NHI is a leading organization that fosters future community leaders for the expanding Latino community throughout the United States and Latin America.


NHI creates experiences that engage achieving high school and college age youth in community leadership roles that advance our quality of life.


 Leadership and community social entrepreneurship are used as transformational learning experiences that compel young people to envision themselves as having important roles to play as leaders, and that demand academic excellence and commitment to personal development.


NHI establishes the means to attract and engage high potential students in learning experiences that inspire their imagination, develop their repertoire of skills and competencies, broaden their knowledge of Latino culture and make community leadership a life-long learning commitment.

Additional Historical Background

The National Hispanic Institute (NHI) has a 36-year history of designing, testing, and researching self-transformational leadership concepts and experiences. This work is central to the organization’s efforts to strengthen the reservoir of skilled and educated young people from which the organized sectors of Latino community life is able to select its future leaders.

The idea of creating a leadership pipeline originated as a result of numerous discussions that took place between 1977 and 1979. At that time part of the operating beliefs of the organization was guided by two views:


• First, the leadership infrastructure in the U.S. Latino community had been severely weakened from the drain and intensity of the 1960s Civil Rights era.

• Second, because of that time, the community was now faced with an aging leadership base no longer capable of sustaining the emotionally and mentally exhausting requirements of social change.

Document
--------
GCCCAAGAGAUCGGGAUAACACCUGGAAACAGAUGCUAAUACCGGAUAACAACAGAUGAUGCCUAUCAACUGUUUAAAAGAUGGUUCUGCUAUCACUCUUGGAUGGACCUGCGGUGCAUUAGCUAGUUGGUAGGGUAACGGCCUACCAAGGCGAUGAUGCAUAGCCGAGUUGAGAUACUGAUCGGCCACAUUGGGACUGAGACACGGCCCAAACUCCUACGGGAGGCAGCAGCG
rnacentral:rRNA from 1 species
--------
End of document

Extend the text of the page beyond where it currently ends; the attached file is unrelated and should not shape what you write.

Other concerns revolved around the “leadership brain-drain” that could potentially occur as upwardly mobile Latino youth increased their numbers in college, and began leaving their respective communities to expand career and business opportunities elsewhere. In addition, the rapid expansion and diversity of the Latino community in different regions of the nation was also a concern. The challenge was that though this evolving population of Latinos had the capacity to become a formidable force in U.S. life, it lacked the critical mass of potential leaders and the support of organizations in the community to make planned growth possible.

Adding to the complexity of issues was the organization’s policy to be self-sustaining, and therefore not primarily seek grant funds from either private or public sources. This decision was driven by a philosophical view that if NHI was to survive, the value of its work was embedded and embraced by the very communities it purported to serve.

The charge of the National Hispanic Institute became one of imagining, researching, and testing different responses to the challenges enumerated above through various community interventions.

After an effort to critically review the community relevance, value and sustainability of many pilot projects, it was determined that the mission of NHI would be to concentrate efforts on high school age youth who were not only intent on pursuing college studies, but were also best suited intellectually for the eventualities of community leadership. The development of a pedagogy with the capacities to establish and engage students in extended periods of self-learning, and the tools for self-assessment and self-change became the greatest challenge for NHI.